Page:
Farm Sanctuary has had a big year. In addition to celebrating its 25th anniversary, expanding its facilities, hosting its biggest nationwide Walk For Farm Animals event yet, and launching the Just Eats cross-country tour, the animal-welfare organization will be hosting the first National Conference to End Factory Farming in Arlington, VA on October 27 to 29, in hopes of drawing attention to the environmental, ethical, and health consequences of industrial animal agriculture. VegNews caught up with Baur to get the inside scoop on this exciting and meaningful event.
VegNews: How and when did the National Conference for Factory Farming come together?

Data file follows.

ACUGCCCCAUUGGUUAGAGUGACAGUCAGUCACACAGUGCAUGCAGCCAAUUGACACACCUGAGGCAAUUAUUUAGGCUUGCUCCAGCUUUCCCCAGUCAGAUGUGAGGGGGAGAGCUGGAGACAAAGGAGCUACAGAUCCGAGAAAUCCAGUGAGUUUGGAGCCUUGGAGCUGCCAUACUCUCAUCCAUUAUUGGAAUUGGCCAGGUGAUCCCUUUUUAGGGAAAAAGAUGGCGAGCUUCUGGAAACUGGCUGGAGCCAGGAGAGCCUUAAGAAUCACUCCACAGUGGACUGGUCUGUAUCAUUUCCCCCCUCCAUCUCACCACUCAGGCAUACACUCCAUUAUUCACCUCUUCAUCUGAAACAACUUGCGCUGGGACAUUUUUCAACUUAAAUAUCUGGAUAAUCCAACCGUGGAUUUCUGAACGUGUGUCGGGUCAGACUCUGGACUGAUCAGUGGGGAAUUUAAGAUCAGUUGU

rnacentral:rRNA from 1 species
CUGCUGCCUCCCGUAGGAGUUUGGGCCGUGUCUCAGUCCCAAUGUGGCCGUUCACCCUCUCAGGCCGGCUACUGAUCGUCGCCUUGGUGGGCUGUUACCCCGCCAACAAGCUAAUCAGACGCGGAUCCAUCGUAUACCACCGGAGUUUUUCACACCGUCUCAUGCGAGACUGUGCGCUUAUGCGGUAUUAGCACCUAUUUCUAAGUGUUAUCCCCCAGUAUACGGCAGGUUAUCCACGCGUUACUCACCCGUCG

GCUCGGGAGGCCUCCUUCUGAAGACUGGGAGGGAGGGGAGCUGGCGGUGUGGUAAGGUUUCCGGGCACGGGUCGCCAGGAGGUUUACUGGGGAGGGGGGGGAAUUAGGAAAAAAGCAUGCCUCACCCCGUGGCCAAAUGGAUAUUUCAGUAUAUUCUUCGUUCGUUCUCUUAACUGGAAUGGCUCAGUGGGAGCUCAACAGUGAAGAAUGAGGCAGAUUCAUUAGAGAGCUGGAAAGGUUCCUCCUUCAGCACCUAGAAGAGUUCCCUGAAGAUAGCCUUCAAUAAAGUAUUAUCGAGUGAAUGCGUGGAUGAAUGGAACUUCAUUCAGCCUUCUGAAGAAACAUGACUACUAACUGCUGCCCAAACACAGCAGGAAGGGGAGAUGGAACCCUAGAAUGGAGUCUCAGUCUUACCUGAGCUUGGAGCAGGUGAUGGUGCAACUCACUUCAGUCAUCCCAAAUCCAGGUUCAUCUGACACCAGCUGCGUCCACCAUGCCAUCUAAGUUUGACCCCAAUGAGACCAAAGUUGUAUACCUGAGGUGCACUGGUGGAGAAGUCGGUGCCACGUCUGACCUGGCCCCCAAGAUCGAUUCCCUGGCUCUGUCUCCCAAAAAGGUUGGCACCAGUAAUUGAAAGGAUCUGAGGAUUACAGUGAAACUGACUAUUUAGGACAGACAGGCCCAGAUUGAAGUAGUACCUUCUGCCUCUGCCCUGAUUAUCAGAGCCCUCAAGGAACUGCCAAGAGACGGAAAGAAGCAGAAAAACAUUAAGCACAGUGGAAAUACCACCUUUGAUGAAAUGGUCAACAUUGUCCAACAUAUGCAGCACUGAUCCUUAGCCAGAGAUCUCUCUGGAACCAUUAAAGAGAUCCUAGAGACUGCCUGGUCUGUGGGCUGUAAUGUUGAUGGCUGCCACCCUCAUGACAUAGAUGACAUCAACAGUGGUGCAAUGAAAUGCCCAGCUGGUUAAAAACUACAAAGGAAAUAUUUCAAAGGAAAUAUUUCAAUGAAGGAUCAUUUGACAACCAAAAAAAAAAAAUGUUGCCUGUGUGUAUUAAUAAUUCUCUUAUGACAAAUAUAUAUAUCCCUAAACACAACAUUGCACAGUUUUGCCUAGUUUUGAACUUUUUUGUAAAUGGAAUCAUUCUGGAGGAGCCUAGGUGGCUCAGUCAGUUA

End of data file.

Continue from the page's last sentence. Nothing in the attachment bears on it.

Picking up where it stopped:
Gene Baur: At Farm Sanctuary, we’ve been working to combat factory farming for a long time. It’s an issue that we’re very concerned about that is now getting mainstream attention. There is growing mainstream opposition to factory farming and growing awareness about it, so we discussed this [issue] internally at the organization, and decided that it would be good to have a conference like this to really call for an answer to it.
VN: Many researchers, experts, and officials—in addition to animal-welfare activists—are in agreement that factory farming is severely harmful in myriad ways. What do you think needs to be done in order to make the public and legislators realize that this is an issue that seriously affects all of us?